Right now, one of the more popular shows on streaming television is a show called “Schitt’s Creek.” There is the premise, which is funny. There is an ensemble cast, which is well-designed and ripe with tension. There is the dialog, which is quippy and fun.
And then, there is Catharine O’Hara.
Catharine O’Hara plays Moira Rose, a once-legendary soap opera actress who has long extended her prime. I don’t know what the show’s creator imagined when he wrote Moira, but he could not have possibly hoped for the kind of performance he’s getting.
O’Hara is better than good. She’s outstanding. She invented an accent for this role that wavers between British and American and Australian and some form of staccato alien language.
When anything goes wrong in an episode (like a wig getting lost), O’Hara reacts with a level of drama normally reserved for national tragedies. She can say more with a look than many actors can with a whole page of dialog.
If you’ve watched the show for any amount of time, you’re probably laughing the moment she comes on screen.
Without Catharine O’Hara, Schitt’s Creek is good.
With her, it’s unforgettable.
A week ago I brought in my Spiderman coffee cup to Starbucks for a refill. The cashier, Adriane, nearly lost her mind with excitement over the design. She showed the cup to her co-worker Sarah. We chatted for a few minutes about the Spiderman movies.
Which Spiderman is the best? (Toby Maguire).
Did you know the animated movie won an Academy Award? (Yes).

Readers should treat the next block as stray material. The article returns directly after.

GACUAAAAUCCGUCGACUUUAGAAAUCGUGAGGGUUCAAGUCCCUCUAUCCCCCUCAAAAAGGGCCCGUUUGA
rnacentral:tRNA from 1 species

Did you read the comics? (My dad collected them).
A minute later, Adriane filled my cup. She and Sarah waved goodbye. Although I’d been plenty happy before, my mood was now positively chipper.
I thought: “I really like Starbucks.”
Immediately after that thought came another: “Did a single teenager just affect my opinion of an entire corporation?”
Moira Rose gets a chance to act again in the 5th season of Schitt’s Creek.
She is recruited for a B movie called “The Crowening.” Think Sharknado, but with birds.
The entire cast and crew know what the point of this production is: make a silly film as quickly as possible, and then collect a check. The director is insulted to be involved in the project. He wants to finish and go home.
Moira doesn’t feel the same way. She is pouring out 20 years of pent-up acting fervor. One day, Moira asks the director why he isn’t giving more attention to the opportunity:
“Director: I would hardly call this an opportunity!”
Moira: I-I worked in soaps. They had me play my own father, who then became pregnant despite the vasectomy. I still hold the record for the longest-running demonic possession on daytime television.
Director: Okay, what’s your point?
Moira: We were number one.
Moira: Every project has potential.”
So, to deliver on the promise of this post: How do you matter in life?
Here is the answer.
Each day, ask: “How can I make life better for everyone around me?”
You won’t find meaning with an arbitrary follower count. You won’t find it in a mystical, perfect career. You will find it in small, ordinary moments hidden in the coworker who needs your full attention or the barista who could use a smile.
Care for those moments. Care for those people.
That’s how you matter.